08 June 2020
Airborne microbial diseases represent one of the major challenges to global public health. The most common examples are influenza, appearing in seasonal and epidemic forms, the current Corona virus (COVID-19), as well as bacterial diseases such as tuberculosis, which are emerging in increasingly multi-drug resistant forms.
UVC in the range from 207 to 222 nm
An approach to prevent the transmission of airborne diseases is the inactivation of the pathogens by far-UVC light. It has long been known that UV light has the ability to efficiently inactivate both multi-resistant bacteria and a multitude of virus strains. Until now, however, the use of germicidal ultraviolet light in indoor public locations has been limited because UVC radiation can pose a risk to human health and is known as being carcinogenic.
However, recent studies have shown that UVC light, generated by filtered excimer lamps in a wavelength range of 207 – 222 nm, efficiently inactivates resistant bacteria without posing a threat to human health. At very low dose rates, far-UVC light in such a wavelength range does not penetrate the outer layer of the human skin, but reliably eliminates bacteria and viruses. For example, at a dose of 2 mJ/cm² at 222 nm the radiation inactivates 95% of airborne viruses.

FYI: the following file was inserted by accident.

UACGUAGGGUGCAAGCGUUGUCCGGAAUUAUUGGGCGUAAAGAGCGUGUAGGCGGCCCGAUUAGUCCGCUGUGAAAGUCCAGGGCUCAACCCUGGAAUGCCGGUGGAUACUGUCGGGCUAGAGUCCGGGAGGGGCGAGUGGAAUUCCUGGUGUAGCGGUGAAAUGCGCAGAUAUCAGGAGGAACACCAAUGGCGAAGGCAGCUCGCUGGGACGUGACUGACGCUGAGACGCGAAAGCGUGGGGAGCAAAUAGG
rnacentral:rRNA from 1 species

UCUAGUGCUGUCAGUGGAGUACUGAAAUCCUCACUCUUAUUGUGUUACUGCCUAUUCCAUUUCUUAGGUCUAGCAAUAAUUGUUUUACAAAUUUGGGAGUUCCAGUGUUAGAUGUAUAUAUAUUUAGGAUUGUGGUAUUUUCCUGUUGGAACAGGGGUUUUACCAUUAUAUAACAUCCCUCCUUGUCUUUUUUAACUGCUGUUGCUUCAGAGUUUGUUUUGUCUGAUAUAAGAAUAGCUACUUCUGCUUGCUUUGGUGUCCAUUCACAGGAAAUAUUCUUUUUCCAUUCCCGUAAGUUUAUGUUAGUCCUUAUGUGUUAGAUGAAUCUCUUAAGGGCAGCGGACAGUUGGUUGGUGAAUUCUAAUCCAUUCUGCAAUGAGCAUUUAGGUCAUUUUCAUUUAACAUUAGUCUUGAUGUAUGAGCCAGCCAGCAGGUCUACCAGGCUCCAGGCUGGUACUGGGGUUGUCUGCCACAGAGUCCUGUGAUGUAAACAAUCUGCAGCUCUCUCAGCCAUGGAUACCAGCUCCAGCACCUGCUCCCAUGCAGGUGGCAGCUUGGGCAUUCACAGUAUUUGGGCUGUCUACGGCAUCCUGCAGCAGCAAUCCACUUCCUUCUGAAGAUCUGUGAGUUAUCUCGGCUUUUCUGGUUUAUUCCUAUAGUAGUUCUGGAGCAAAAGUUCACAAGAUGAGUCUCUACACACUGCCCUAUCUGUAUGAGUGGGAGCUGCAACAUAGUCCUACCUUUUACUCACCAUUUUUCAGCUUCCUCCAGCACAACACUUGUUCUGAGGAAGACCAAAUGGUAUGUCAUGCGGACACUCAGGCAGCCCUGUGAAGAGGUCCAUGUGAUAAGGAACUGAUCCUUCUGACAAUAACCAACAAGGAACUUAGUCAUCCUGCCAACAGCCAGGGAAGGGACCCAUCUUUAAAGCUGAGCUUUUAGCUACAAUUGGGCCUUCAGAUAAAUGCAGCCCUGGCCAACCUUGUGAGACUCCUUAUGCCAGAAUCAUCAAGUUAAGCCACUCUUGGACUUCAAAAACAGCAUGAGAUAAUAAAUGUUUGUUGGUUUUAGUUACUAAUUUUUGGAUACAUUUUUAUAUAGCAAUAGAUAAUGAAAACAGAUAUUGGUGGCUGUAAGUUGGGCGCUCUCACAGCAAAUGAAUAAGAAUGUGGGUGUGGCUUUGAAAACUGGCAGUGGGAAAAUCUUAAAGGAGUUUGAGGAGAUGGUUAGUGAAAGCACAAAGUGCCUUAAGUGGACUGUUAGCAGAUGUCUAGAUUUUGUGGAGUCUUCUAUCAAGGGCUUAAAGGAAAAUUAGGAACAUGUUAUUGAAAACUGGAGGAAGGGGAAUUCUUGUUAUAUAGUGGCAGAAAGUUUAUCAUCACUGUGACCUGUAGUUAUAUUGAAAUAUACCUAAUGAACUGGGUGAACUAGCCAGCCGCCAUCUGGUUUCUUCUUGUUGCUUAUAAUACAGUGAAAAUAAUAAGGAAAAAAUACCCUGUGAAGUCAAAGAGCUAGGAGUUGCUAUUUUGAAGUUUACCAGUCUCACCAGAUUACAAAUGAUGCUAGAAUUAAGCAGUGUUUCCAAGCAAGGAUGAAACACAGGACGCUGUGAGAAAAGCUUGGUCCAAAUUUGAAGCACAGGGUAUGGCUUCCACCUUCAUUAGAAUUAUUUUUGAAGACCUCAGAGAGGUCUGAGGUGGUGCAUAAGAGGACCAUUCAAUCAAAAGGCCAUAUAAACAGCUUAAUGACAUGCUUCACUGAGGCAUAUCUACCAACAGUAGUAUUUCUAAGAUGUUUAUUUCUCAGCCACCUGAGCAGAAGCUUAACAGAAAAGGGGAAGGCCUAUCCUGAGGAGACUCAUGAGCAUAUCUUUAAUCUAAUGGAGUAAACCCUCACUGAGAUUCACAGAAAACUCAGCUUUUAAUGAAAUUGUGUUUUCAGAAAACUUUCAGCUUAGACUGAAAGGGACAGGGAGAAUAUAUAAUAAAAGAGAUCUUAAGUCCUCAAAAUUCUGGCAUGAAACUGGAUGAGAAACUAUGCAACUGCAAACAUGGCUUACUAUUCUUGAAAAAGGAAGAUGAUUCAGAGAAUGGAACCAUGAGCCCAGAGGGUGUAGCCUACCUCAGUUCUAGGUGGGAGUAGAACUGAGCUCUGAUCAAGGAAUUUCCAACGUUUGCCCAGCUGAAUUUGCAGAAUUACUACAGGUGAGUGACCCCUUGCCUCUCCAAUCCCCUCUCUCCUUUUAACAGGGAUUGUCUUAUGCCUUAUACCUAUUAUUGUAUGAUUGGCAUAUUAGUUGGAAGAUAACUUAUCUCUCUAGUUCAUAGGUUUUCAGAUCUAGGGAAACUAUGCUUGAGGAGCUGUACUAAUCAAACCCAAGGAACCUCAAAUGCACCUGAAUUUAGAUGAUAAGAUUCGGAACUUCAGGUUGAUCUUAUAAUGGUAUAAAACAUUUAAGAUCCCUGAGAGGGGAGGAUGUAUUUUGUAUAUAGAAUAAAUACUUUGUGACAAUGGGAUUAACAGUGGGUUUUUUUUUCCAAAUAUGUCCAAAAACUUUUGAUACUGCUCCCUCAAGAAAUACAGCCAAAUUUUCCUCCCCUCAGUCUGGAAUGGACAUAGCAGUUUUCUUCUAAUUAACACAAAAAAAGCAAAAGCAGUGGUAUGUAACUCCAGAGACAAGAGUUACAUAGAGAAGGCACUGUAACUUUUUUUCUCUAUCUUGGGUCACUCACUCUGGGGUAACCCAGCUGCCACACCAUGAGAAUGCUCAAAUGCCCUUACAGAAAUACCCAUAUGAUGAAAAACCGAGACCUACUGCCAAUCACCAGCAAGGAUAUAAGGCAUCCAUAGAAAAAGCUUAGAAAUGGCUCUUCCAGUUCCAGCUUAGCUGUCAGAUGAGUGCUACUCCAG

Reflecting 200 – 222 nm UVC wavelengths
Our MIRO® UV-C has been developed to reflect these wavelengths. Luminaires using such material reflect and concentrate the incident UVC light to where it is needed, whilst shielding areas not to be radiated. Build UVC efficient fixtures by using MIRO® UV-C to get the most efficient virus and bacterial killing systems.